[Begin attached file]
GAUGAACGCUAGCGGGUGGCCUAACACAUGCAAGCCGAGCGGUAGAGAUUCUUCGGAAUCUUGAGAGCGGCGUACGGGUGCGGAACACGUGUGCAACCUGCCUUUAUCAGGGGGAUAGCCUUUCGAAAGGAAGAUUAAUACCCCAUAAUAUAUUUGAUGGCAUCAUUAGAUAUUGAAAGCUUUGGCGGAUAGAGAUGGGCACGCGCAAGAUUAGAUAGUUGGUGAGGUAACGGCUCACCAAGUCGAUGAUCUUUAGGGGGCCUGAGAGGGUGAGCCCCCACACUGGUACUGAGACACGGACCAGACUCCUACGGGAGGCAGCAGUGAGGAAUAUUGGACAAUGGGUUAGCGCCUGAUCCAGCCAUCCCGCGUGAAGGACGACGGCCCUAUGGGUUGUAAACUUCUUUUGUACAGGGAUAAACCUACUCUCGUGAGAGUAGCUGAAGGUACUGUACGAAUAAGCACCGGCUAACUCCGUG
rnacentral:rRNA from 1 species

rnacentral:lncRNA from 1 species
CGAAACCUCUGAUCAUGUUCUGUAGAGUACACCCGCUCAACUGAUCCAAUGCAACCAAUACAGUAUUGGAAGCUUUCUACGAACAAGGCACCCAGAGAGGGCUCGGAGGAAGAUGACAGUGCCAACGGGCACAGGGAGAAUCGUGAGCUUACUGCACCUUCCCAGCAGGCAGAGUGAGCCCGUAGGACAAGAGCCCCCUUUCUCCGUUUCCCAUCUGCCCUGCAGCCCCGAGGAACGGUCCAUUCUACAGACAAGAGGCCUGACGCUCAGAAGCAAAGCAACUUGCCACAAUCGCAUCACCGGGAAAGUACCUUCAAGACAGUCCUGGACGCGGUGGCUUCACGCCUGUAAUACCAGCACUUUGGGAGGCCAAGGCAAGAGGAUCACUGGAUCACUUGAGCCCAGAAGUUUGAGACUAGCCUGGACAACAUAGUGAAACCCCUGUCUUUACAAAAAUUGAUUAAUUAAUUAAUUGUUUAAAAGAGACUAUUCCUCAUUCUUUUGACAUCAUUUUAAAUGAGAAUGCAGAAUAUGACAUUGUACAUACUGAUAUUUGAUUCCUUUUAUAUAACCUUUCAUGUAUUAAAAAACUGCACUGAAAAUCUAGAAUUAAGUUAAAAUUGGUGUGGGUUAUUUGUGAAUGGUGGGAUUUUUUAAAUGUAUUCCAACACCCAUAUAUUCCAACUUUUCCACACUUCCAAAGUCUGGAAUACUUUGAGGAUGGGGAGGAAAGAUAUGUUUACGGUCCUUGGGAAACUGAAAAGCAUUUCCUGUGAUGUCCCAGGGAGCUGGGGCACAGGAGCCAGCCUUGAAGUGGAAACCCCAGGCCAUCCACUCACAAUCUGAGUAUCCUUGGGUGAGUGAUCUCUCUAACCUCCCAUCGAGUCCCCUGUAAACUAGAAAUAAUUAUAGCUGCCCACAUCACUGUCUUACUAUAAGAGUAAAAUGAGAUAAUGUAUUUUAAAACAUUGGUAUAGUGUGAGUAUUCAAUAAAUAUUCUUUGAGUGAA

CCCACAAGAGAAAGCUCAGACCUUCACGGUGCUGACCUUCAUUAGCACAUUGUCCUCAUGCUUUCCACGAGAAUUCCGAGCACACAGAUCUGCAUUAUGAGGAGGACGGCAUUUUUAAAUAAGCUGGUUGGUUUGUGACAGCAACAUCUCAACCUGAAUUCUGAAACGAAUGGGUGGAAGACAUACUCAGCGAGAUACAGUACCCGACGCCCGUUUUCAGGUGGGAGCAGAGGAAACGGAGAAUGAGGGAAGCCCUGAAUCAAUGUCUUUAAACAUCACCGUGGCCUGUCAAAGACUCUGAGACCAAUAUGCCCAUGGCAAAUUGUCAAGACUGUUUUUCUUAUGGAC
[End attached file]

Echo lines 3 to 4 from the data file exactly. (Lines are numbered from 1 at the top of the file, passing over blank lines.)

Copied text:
rnacentral:lncRNA from 1 species
CGAAACCUCUGAUCAUGUUCUGUAGAGUACACCCGCUCAACUGAUCCAAUGCAACCAAUACAGUAUUGGAAGCUUUCUACGAACAAGGCACCCAGAGAGGGCUCGGAGGAAGAUGACAGUGCCAACGGGCACAGGGAGAAUCGUGAGCUUACUGCACCUUCCCAGCAGGCAGAGUGAGCCCGUAGGACAAGAGCCCCCUUUCUCCGUUUCCCAUCUGCCCUGCAGCCCCGAGGAACGGUCCAUUCUACAGACAAGAGGCCUGACGCUCAGAAGCAAAGCAACUUGCCACAAUCGCAUCACCGGGAAAGUACCUUCAAGACAGUCCUGGACGCGGUGGCUUCACGCCUGUAAUACCAGCACUUUGGGAGGCCAAGGCAAGAGGAUCACUGGAUCACUUGAGCCCAGAAGUUUGAGACUAGCCUGGACAACAUAGUGAAACCCCUGUCUUUACAAAAAUUGAUUAAUUAAUUAAUUGUUUAAAAGAGACUAUUCCUCAUUCUUUUGACAUCAUUUUAAAUGAGAAUGCAGAAUAUGACAUUGUACAUACUGAUAUUUGAUUCCUUUUAUAUAACCUUUCAUGUAUUAAAAAACUGCACUGAAAAUCUAGAAUUAAGUUAAAAUUGGUGUGGGUUAUUUGUGAAUGGUGGGAUUUUUUAAAUGUAUUCCAACACCCAUAUAUUCCAACUUUUCCACACUUCCAAAGUCUGGAAUACUUUGAGGAUGGGGAGGAAAGAUAUGUUUACGGUCCUUGGGAAACUGAAAAGCAUUUCCUGUGAUGUCCCAGGGAGCUGGGGCACAGGAGCCAGCCUUGAAGUGGAAACCCCAGGCCAUCCACUCACAAUCUGAGUAUCCUUGGGUGAGUGAUCUCUCUAACCUCCCAUCGAGUCCCCUGUAAACUAGAAAUAAUUAUAGCUGCCCACAUCACUGUCUUACUAUAAGAGUAAAAUGAGAUAAUGUAUUUUAAAACAUUGGUAUAGUGUGAGUAUUCAAUAAAUAUUCUUUGAGUGAA